JW: Yeah, the first thing that sets in is thirst. Then obviously you start to get dizzy and you feel a little bit out of sorts. That's what we're telling these kids today, "As soon as you start to feel a little bit dizzy or a bit light-headed, that's when it's time to tell an adult." Or if you are an adult, it's time to head inside and drink some Gatorade or water, because real trouble can start there.
From watching game film of you playing, you really do have some awesome moves. What would you say is your best move for shedding blockers?
JW: It's tough to say. It really depends on the kind of block I'm going against, but I like to use the rip move a lot it's a great defensive line move, one that, if used effectively, can work really well. That's definitely one of the top moves in my game.
One of the things I noticed was your use of the spin move, and watching that was really a thing of beauty.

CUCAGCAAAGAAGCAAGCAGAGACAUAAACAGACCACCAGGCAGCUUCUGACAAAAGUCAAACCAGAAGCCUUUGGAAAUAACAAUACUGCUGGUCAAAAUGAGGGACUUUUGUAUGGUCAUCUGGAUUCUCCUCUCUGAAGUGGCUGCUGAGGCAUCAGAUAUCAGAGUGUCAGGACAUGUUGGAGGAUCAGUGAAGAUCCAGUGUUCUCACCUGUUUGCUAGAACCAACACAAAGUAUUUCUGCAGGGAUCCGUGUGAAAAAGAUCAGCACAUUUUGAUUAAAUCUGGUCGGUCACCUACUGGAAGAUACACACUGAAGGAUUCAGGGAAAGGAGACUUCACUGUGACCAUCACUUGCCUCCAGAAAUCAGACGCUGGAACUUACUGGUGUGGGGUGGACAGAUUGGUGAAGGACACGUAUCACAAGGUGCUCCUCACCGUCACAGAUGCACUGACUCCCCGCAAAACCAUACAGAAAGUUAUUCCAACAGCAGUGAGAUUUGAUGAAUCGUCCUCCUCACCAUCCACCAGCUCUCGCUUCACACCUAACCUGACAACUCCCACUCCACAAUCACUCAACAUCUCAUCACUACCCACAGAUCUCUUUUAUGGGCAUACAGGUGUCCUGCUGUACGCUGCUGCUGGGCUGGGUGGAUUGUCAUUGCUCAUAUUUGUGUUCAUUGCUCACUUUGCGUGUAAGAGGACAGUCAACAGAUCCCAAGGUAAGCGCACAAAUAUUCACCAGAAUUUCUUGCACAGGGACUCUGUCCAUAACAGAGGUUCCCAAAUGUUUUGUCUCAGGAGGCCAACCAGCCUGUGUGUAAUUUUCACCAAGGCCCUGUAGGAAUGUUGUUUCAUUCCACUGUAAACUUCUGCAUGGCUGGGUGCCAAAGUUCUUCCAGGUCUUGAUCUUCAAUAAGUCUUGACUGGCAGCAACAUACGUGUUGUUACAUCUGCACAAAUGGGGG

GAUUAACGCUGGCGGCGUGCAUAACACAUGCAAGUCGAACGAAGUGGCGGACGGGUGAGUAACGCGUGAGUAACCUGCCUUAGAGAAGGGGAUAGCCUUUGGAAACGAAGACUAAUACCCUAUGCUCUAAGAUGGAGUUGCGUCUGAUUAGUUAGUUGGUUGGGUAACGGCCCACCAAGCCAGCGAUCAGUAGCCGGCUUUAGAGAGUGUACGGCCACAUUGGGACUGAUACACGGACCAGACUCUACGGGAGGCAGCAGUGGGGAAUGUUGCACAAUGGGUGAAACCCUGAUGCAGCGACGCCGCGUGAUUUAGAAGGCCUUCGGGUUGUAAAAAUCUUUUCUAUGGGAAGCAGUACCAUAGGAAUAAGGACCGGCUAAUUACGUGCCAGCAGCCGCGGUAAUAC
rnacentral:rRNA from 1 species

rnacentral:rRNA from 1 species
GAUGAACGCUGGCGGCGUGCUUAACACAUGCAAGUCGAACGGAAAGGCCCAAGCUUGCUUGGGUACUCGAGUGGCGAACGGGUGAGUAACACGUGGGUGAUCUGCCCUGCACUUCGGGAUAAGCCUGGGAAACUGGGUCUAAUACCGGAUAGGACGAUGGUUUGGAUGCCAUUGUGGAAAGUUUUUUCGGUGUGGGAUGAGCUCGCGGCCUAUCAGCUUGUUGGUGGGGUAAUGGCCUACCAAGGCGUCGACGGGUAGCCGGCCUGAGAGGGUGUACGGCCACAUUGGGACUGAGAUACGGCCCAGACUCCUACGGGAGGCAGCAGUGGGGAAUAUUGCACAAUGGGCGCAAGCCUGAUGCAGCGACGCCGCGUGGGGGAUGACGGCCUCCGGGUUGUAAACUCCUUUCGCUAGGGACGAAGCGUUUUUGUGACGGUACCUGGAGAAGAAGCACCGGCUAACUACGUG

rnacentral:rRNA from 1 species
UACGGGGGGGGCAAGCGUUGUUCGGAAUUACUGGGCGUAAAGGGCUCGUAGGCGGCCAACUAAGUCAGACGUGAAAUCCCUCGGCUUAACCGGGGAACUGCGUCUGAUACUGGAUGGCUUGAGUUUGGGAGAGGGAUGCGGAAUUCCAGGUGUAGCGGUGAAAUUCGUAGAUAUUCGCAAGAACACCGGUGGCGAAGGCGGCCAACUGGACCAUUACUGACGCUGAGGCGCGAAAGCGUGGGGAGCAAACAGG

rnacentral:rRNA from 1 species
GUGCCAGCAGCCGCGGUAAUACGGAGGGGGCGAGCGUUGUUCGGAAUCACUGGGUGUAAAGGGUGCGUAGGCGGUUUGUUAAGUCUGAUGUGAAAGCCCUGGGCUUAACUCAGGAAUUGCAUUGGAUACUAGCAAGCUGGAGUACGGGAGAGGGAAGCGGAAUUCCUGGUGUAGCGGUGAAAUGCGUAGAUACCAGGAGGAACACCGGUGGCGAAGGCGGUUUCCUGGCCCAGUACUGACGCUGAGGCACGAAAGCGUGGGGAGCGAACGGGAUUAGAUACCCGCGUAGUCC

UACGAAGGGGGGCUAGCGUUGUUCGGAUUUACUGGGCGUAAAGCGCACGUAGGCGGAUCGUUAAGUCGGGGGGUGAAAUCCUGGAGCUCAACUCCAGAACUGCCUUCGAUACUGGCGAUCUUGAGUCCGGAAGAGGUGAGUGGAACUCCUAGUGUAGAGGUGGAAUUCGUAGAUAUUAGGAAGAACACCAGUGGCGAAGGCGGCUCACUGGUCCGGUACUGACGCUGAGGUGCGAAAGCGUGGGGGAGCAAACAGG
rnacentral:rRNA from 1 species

JW: Thank you very much, I only just picked that up about halfway through last year. It's been a really effective move for me.
You put in 30-40 hours of community service a week while at Wisconsin (1-2 hours a week required by team). Between this and the Justin J. Watt Foundation and the time you put into the "Beat the Heat" program, I have to ask, what motivates you to do so much community outreach?
JW: I think I've been very fortunate in my life. I've been put in good situations. My parents have given me a very good life and I've been very fortunate to play sports my whole life. So, what I want to do is give back to the community as much as possible because not everybody is as fortunate as I was. I want to give as many kids the opportunity to play sports as much as possible. That's why I created the Justin J. Watt Foundation, so that kids who might not have necessarily had those opportunities can be given a chance to play sports and learn things like discipline and teamwork. Those traits carry you far beyond the football field and I think that's vital to kids.